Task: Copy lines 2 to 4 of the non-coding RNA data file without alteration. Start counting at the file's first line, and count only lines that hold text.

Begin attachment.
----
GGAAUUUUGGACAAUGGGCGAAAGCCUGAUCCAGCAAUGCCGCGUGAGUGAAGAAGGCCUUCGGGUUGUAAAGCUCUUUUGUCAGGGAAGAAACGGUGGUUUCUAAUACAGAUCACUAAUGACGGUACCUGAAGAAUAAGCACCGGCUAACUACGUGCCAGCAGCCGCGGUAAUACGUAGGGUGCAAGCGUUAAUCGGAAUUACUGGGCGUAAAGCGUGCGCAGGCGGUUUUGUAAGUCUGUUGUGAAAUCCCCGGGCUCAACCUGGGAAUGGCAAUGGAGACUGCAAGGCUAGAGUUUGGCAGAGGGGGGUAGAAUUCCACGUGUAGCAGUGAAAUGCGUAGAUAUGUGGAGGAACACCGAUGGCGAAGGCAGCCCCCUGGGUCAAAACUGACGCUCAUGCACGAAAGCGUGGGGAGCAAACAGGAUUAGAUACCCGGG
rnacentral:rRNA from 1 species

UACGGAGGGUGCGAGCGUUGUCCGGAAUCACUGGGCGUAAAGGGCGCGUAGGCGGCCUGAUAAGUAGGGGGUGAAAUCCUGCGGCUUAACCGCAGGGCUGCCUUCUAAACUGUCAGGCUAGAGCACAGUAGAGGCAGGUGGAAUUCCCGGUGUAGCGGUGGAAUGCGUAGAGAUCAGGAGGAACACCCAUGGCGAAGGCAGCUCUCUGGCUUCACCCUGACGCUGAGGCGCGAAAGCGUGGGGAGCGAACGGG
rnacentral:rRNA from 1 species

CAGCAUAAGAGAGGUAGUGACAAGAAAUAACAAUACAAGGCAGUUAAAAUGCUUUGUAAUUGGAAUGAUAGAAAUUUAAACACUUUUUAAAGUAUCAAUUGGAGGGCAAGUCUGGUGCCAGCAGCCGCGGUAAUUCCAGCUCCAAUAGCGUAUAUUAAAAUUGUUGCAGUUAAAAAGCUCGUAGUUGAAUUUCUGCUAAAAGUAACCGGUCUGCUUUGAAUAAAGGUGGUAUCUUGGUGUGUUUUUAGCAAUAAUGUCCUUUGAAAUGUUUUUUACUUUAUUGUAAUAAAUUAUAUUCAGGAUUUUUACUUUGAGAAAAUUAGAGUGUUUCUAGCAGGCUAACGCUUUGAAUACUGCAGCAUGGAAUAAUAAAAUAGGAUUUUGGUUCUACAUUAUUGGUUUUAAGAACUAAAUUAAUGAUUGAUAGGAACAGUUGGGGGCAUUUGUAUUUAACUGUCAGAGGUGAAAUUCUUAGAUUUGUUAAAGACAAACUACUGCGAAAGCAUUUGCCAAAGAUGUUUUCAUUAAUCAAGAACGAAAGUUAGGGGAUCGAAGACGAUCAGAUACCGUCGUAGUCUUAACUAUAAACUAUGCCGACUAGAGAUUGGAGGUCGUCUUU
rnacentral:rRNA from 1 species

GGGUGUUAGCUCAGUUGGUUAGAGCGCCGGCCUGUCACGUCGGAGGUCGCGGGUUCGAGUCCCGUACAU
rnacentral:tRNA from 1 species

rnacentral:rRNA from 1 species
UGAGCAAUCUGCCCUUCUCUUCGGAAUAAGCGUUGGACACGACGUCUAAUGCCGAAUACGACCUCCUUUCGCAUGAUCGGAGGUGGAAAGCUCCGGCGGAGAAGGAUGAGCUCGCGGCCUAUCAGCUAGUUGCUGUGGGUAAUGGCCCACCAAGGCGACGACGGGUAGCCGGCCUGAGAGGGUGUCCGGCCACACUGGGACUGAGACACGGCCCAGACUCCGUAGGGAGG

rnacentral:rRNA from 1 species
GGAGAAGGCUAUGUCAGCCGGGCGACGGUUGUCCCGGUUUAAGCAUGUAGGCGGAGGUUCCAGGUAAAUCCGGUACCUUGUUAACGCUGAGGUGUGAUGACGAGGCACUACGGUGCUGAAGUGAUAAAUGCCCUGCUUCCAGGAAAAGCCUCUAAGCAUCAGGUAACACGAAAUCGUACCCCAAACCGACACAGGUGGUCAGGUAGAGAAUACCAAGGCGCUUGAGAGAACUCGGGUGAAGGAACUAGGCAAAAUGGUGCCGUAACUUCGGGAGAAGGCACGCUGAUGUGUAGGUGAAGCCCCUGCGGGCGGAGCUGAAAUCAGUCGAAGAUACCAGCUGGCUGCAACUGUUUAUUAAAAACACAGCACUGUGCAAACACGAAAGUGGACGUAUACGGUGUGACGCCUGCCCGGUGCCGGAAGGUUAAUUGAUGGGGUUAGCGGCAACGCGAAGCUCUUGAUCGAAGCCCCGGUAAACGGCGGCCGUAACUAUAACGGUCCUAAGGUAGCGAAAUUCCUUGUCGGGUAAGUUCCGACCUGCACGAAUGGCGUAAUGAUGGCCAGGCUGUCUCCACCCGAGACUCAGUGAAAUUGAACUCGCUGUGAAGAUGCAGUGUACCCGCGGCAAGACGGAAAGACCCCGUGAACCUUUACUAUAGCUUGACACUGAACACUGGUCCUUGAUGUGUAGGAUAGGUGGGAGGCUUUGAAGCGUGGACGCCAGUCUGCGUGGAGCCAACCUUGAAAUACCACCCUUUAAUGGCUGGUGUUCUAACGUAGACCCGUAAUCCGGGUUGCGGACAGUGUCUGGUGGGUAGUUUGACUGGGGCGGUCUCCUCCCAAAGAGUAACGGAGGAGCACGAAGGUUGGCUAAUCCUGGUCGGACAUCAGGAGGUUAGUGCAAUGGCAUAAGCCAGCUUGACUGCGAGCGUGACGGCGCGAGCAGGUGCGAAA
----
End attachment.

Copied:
rnacentral:rRNA from 1 species

UACGGAGGGUGCGAGCGUUGUCCGGAAUCACUGGGCGUAAAGGGCGCGUAGGCGGCCUGAUAAGUAGGGGGUGAAAUCCUGCGGCUUAACCGCAGGGCUGCCUUCUAAACUGUCAGGCUAGAGCACAGUAGAGGCAGGUGGAAUUCCCGGUGUAGCGGUGGAAUGCGUAGAGAUCAGGAGGAACACCCAUGGCGAAGGCAGCUCUCUGGCUUCACCCUGACGCUGAGGCGCGAAAGCGUGGGGAGCGAACGGG
rnacentral:rRNA from 1 species